Having been hammered 4-0 by Brazil in Melbourne last week in a friendly ahead of the tournament in Russia, Australia stumbled again.
Having been hammered 4-0 by Brazil in Melbourne last week in a friendly ahead of the tournament in Russia, Australia stumbled again, losing to the world champions, who fielded an inexperienced side on Monday in Sochi.
Lars Stindl, Leon Goretzka and Julian Draxler -- the latter from a penalty -- scored for Germany, with Celtic midfielder Tommy Rogic and Tomi Juric netting for Australia.
Juric's effort on 56 minutes was allowed to stand despite a suggestion of handball leading to a review from the video assistant referee.
Having found themselves 3-1 down just after the break, Australia rallied in Sochi and Juric's effort reduced the deficit before he, Robbie Kruse and James Troisi all tested Germany goalkeeper Bernd Leno late on.
There was to be no equaliser, and Postecoglou was especially disappointed about the way his side started the game.
"It's disappointing, we were barely clinging on in the first half," admitted Postecoglou.
"The second half was better, we composed ourselves and got back into things."
"It's a loss and the loss falls on me, it's my responsibility."
"It was no fault of the players, they (Germany) took advantage in the first half and they were way too good."
The Socceroos, who lost all three games on their last appearance at the Confederations Cup in 2005, now face a crunch clash with the African champions in Saint Petersburg in their second Group B outing.
Cameroon are unlikely to offer the same threat as the Germans, even if the world champions have come to Russia without a host of leading players.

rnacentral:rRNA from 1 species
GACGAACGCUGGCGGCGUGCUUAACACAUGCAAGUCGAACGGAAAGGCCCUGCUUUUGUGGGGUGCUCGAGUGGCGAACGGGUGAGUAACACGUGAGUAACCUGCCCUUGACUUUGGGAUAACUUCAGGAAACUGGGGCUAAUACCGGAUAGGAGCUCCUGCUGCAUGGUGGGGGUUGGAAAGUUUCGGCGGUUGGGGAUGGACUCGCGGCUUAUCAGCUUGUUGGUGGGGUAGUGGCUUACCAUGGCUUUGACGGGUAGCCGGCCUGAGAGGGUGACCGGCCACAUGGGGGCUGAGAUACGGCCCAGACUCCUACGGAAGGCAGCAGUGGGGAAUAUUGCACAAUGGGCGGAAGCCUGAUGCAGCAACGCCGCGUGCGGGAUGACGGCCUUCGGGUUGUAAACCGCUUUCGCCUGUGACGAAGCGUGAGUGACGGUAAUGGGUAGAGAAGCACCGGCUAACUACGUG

"There is no question, it's a team full of character and it's not easy to play well against the best team in the world," said the 51-year-old Postecoglou.
"They (Germany) caused us problems down the left-hand side and we had to move things around after the break."
"They probed for weaknesses, they capitalised on the opportunities they had."
"We sat back too deep. As much as you try and set up the team to be brave in terms of where we want to defend, it's human nature to pull back and sit deeper than you'd like."
However, his opposite number Joachim Loew said Australia have developed since Postecoglou took charge in 2013.
Indeed, Loew believes the Socceroos have come a long way since their 4-0 rout at the hands of Germany in the group stage of the 2010 World Cup.
"From what I have seen there has been a positive development from where Australia was in 2010 -- they liked long balls then and that was easy for us to defend against," said Loew.
"They aren't playing long balls any more, they are courageous and cheeky enough to boldly attack."
"Not many teams are doing that and they have developed positively in the last three years."
Loew has said there is much more to come from his young squad and his starting line-up in Sochi had only 138 international appearances between them.
With all of his World Cup-winning stars left at home, Loew warned Chile on Thursday in Kazan will be a tough test for a youthful side.
"Who'd expect everything to run top notch after only 10 days together? We have done really well for the time we had together," said Loew.
"Not everything went well and we have to correct things."
"Chile will be a different game, they play with a lot of intensity and we will need to play well over 90 minutes, not just over 60."
"Chile is one of the world's best teams, not just in this tournament, they have a lot of experience and fantastic individuals."